This initial article is the first in a multi-part series of articles on alternative financing. In this “Part One”, I’ll provide a preliminary review of recent developments in the law relevant to crowdfunding. This first article will be rather limited and introductory in nature. Still, I hope to provide a basic familiarization with the business concepts and legal aspects of crowdfunding.
Every business requires operating capital. Also, every business needs a source of available cash. Accordingly, every business faces the challenges of raising capital, and acquiring cash, as a normal-course function of initial formation, ongoing development, and operational functionality.
There are various means by which businesses traditionally raise capital and acquire cash. In our current economic climate, though, traditional methods for funding, financing, and investing in smaller businesses often are not available or are not feasible. Thankfully, there are alternatives.
Certain alternatives to mainstream financing/investment activities have become well established. Innovative approaches to venture-capital funding, private-equity investment, and special-facility financing all are alternatives that have become relatively mainstreamed.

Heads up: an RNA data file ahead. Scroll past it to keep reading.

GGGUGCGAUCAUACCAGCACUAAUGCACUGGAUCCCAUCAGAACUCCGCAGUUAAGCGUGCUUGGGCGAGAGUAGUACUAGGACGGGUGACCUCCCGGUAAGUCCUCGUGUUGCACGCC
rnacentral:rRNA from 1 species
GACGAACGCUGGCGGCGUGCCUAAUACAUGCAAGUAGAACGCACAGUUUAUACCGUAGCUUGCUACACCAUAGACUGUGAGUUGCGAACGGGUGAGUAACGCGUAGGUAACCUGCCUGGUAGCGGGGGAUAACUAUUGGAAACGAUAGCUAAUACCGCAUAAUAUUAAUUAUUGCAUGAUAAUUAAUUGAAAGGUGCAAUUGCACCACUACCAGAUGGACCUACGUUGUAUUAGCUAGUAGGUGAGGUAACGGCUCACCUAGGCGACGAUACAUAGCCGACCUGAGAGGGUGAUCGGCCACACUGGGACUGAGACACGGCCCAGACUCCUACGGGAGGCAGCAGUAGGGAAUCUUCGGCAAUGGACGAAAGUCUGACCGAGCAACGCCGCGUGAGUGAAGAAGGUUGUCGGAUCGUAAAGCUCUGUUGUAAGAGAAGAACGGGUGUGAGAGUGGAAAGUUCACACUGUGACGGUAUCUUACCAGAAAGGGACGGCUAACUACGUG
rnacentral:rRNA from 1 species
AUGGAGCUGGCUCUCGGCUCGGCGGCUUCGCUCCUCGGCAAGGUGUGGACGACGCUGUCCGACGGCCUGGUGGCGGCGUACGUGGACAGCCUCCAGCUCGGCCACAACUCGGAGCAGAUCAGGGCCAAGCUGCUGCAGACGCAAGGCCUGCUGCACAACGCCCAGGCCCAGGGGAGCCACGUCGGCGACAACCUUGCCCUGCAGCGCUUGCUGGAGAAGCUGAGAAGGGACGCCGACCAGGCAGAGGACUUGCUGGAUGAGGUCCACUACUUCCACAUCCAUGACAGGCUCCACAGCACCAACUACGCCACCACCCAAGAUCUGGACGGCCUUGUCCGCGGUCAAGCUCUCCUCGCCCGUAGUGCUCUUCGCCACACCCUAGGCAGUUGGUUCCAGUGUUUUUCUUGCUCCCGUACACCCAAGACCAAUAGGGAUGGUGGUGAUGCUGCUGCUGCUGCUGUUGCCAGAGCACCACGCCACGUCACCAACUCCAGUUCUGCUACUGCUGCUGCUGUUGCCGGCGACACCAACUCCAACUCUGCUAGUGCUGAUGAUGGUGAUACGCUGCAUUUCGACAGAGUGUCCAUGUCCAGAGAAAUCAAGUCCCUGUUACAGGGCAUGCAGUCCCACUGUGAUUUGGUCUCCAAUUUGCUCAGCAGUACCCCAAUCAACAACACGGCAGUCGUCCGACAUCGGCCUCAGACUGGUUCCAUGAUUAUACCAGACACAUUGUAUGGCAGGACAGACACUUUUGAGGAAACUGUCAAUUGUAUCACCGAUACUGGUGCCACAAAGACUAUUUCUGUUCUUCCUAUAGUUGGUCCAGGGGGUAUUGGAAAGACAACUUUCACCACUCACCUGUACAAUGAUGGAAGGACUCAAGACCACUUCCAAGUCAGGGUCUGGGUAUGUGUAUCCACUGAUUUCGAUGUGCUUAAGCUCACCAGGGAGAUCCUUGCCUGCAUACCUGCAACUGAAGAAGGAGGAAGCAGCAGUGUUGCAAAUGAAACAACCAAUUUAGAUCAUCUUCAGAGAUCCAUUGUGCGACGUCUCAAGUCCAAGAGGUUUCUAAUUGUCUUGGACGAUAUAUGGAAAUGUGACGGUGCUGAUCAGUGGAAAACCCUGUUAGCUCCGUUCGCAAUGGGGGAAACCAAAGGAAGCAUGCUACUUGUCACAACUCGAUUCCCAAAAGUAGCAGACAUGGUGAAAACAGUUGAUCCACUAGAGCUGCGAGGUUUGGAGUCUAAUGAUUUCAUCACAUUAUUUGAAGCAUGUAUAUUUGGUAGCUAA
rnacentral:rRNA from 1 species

The latest alternative-financing models are related to innovations that arose very early in history, as opposed to mainstreamed alternatives that arose in the recent past. The commonality between certain ancient approaches, and their modern counterparts, is intriguing but not surprising.
In the fourth century AD, the Christian church formalized earlier, canon-law edicts that prohibited usury (“selling time” by charging for the “use” of money). During the Middle Ages merchants responded with the “Contractum Trinius”: a set of contracts that separately established three distinct agreements. The church previously approved each, individual arrangement (an investment agreement; an insurance agreement; and a limited-licensing agreement).
The combined agreements of the Contractum Trinius, interoperating as a whole, implemented a compensated-funding transaction by which the investor received payment of an insurance premium, as compensation for potential losses; along with payment of a licensing fee, as compensation for potential gain (from the productive use of the investment); as well as future payments of the investor’s (retained) profits-entitlement, as compensation for the actual gain.
The results obtained were similar to what could be achieved by making an interest-bearing loan, without accommodating the susceptibilities to abuse that were so inherent with interest-bearing loans. As a result, the Contractum Trinius circumvented the Christian anti-usury directives.